Formic acid aided catalytic lignin conversion in ethanol and water media
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The viability of future lignocellulosic bio-refineries is highly dependent on the efficient conversion of the lignin component. A promising and relatively new lignin conversion methodology is the Lignin-to-Liquid (LtL) process, which involves the conversion of the lignin biopolymer in a reducing formic acid/solvent media. However, in order to make this process economically competitive, some important process parameters need to be improved: (i) shorter reaction times, (ii) lower reaction temperatures and (iii) the reduction of low-value side streams i.e., gas and solid phases.
One possibility to address these challenges is the use of heterogeneous catalysts in the process. The main focus of this work was therefore the systematical evaluation of different catalysts for the LtL process. Additionally, the valorization of the lowvalue solid phase into magnetic activated carbons (MACs) was investigated. MACs were produced by KOH chemical activation of the LtL solids (hydrochars) and were further evaluated as CO2 sorbents and catalytic supports.
The activity of different noble metal catalysts such as Rh/Al2O3, Pd/Al2O3, Ru/Al2O3 and Ru/C was studied using both ethanol and water as solvents. Traditional NiMo catalysts supported on Al2O3, ZrO2 and MACs, on the other hand, were analyzed only in ethanol media. The results suggest that the activity of the catalyst is highly dependent on the type of metallic system; the effect of the support in the activity of the catalyst is limited, although it is a key factor when evaluating its stability upon recycling. Noble metal based catalysts increased the oil yield and reduced the solid yield for all the reaction conditions and solvent systems studied. NiMo, catalysts, on the other hand, were only active in ethanol media and at high temperatures (i.e. 320 °C or above). The oil yield at low temperatures (i.e. 300 °C) could be, however, increased by supporting the NiMo species over renewable MACs.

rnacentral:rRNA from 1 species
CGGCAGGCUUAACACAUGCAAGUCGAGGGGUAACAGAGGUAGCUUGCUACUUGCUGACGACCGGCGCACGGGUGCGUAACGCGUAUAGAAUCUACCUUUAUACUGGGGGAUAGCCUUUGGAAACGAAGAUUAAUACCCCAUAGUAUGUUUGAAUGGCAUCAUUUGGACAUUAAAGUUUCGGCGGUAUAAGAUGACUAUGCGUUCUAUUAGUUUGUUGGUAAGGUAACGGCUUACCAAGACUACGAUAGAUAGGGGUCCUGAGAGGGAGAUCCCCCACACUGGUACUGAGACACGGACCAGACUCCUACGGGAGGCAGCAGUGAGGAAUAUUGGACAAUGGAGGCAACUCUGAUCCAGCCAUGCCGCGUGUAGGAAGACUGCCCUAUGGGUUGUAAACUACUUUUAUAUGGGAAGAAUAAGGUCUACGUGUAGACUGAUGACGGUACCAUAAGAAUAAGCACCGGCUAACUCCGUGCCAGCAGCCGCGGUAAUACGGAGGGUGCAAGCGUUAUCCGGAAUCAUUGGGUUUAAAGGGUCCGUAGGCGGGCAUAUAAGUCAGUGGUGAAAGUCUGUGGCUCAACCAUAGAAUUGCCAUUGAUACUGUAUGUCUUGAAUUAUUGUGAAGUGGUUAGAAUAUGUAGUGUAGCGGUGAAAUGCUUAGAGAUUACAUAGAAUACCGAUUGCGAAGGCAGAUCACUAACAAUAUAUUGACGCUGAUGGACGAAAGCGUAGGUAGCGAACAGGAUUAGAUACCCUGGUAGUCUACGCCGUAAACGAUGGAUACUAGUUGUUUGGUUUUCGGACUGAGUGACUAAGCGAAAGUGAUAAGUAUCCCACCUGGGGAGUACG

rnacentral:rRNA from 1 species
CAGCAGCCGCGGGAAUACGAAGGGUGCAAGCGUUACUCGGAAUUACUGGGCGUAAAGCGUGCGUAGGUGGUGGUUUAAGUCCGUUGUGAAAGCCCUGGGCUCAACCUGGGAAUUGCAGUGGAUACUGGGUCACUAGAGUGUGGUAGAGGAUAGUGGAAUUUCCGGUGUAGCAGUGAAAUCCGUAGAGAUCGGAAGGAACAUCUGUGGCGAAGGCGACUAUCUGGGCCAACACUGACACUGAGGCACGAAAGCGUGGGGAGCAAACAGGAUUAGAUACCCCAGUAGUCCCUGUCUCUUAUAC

The catalyst screening approach carried out in this work revealed the complexity of the LtL system: several chemical reactions such as aliphatic ether bond cleavage, HDO and alkylation reactions involving the depolymerized lignin monomers and formic acid decomposition occur simultaneously. The formic acid aided aliphatic ether bond cleavage was the most relevant reaction for the production of bio-oil. It was found that formic acid induces a lignin degradation mechanism different from the one induced by other hydrogen sources such as H2 or isopropanol. The exact reaction mechanism is not fully understood but is believe to happen through a formylationelimination- hydrogenolysis/hydrolysis mechanism. HDO and alkylation reactions contribute to a lesser extent to the production of bio-oil by stabilizing the lignin monomers and hindering their re-polymerization. Furthermore, alkylation reactions could also be favored by selecting a suitable solvent.